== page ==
Even as United States President Barack Obama and Indian Prime Minister Manmohan Singh spoke on Monday about the next round of the bilateral Strategic Dialogue, Indian organisations in the U.S. and Indian-Americans have been pushing for even stronger commercial ties between the two countries.

Earlier this year the Confederation of Indian Industry (CII) unveiled an insightful and wide-ranging survey showing evidence that India-based companies with U.S. operations saved, through their acquisition of U.S. firms, 2585 jobs from being eliminated during the global economic downturn.

On that occasion the Indian Ambassador to the U.S., Meera Shankar, noted that these companies, which span a diverse range of sectors and had operations across 40 U.S. states, had not only generated and sustained thousands of direct and indirect jobs in the U.S., but had also “contributed to the global competitiveness of U.S. companies.”

The survey’s results showed progress made since Mr. Obama’s November 2010 visit to India, which saw the inking of trade and commercial deals exceeding $14.9 billion in value with $9.5 billion in U.S. exports leading to the creation of an estimated 53,670 U.S. jobs.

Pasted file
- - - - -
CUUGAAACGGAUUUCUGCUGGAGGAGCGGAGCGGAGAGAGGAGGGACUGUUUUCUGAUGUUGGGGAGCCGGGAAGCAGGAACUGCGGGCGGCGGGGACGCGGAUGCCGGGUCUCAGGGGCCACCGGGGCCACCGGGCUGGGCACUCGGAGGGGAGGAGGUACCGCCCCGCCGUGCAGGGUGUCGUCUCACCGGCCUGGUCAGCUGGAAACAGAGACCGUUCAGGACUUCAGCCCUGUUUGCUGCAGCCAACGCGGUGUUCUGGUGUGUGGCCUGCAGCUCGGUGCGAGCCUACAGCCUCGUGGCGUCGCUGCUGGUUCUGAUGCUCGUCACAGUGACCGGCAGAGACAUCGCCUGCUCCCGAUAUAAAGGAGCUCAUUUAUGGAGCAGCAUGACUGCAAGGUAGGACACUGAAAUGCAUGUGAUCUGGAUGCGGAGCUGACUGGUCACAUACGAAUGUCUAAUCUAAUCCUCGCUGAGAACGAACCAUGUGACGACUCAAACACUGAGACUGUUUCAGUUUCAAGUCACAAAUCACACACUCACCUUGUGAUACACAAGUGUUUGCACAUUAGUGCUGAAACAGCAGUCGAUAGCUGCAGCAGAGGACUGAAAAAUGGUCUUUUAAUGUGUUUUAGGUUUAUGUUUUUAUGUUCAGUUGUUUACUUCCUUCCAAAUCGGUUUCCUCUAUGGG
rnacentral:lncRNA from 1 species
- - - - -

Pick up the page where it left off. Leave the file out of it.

Last week there was yet another connection made between India and one U.S. state in particular – Texas. With a view to giving a fillip to trade ties between India and the “Lone Star” state, several members of the Texas Congressional delegation had a dinner meeting with Ms. Shankar.

Ashok Mago a businessman and a prominent Indian-American who was involved in some of the discussions leading to the Indo-U.S. nuclear agreement, was one of the prime organisers of the event, which to him was a step towards promoting even more trade between Texas and India.

Pointing out that Texas was a leading U.S. state for exports and agriculture and also had a large number of Fortune Five Hundred companies, Mr. Mago said in comments to The Hindu, “Business and political leaders in India should look into the opportunities Texas has to offer.”

Describing the event he added, “The Indian Ambassador was delighted to have the opportunity to exchange ideas with nine Congressmen – Pete Sessions, Mike Conaway, Sylvester Reyes, Sheila Jackson Lee, Ted Poe, Pete Olson, Bill Flores, Blake Farenthold and Francisco Canseco.”

Ms. Shankar was said to have not only hosted these nine Congressmen but also met individually with Congressmen Mac Thornberry, Eddie Bernice Johnson, Ralph Hall, Joe Barton and Senator Kay Bailey Hutchison at their offices.